Author: Alligator Descartes & Tim Bunce
Reviewed by: Mark Fowler
I have mixed feelings about this book. To be honest, I haven't really read it properly. Let me explain why....
The book starts off with a section describing the concepts of databases and then moves on to talking about other options other than DBI to the programmer, such as flat files, storeable and Data::Dumper and even DBM files. Unfortunately, as the stressed out programmer I have neither the time or inclination to read this. Nor do I care about the SQL tutorial. I learned SQL back in uni, and what I really need is the one thing missing from the chapter...a summary of the commands by name.
Moving on through the book by page 87 I get the first example of some actual perl code that deals with the DBI. My impatience (apparently a virtue) has caused me to skip all the sections describing the model of how the DBI abstractions work without any real example. And now I don't instantly understand them. Maybe it's just me.
Nice section on handling errors...now this is something all database people need to read, including the section on using eval and handling errors. Finally something useful advice that I can't get just by reading the pod. Section on quoting. Nice. If I just slow down a little and start reading properly...
Now the really important bit of the book. The bits I actually bothered to make time to read, The bit I wish I could just rip out and stick in it's own little book. Chapter 5 and Chapter 6...The basic hows and whys of the many fetch methods that DBI uses. If you've ever used DBI then you'll know there's about a zillion ways to pull out data...and this section describes which one to use and why. Oh and stuff on dealing with weird data types. And how to close handles prematurely. In fact, pretty much all of the important "Now how do I do *that* questions" - this stuff really *isn't* in the pod.
Moving swiftly on we get onto some discussion about ODBC. The section is heavily prejudiced and tells you what (and really only just what) you need to know to survive with ODBC if you've been using DBI. If you like this or not is really up to you...more skipping on my part.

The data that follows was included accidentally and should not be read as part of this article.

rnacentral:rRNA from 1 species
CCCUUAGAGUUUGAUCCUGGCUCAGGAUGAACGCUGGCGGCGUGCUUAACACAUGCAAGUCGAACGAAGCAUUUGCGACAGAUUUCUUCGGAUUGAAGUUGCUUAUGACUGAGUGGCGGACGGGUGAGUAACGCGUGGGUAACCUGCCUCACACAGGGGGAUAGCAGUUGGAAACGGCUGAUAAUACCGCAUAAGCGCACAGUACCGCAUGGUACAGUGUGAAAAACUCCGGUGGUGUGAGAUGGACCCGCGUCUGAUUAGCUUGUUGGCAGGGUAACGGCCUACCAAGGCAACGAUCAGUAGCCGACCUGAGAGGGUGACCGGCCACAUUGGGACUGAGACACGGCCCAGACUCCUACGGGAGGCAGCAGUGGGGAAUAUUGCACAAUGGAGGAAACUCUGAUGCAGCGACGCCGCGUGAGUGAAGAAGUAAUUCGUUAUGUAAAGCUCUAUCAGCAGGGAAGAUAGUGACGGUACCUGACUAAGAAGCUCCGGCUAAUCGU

The latter half of the book is a collection of appendices. Included is the DBI specification that tells you exactly how each command works which is just a more readable version that the pod. YMMV...I tend like having both thid dead tree summary and a pod guide open at the same time as they complement each other well.
The last apendices is a collection of information on the different DBD (data base drivers) that handle the connection to the databases and the peculiarities that go with each of these. Nice if you need it. The MySQL drivers are notable by their absence.
Okay, back to why I haven't read this book properly. Don'y you see? Half the book I didn't really need to read. But it was hard to find the bits that I did and would have been really entertaining and useful.
In conclusion I think that Programming The Perl DBI is a good book that could have benefited tremendously from some judicious editing. Lots of content needs to be cut out and reworded to be more concise. In particular the book could do with a better structure (and more whitespace) that makes things easier to find and 'flick to'. Or maybe I'm just looking for a different book.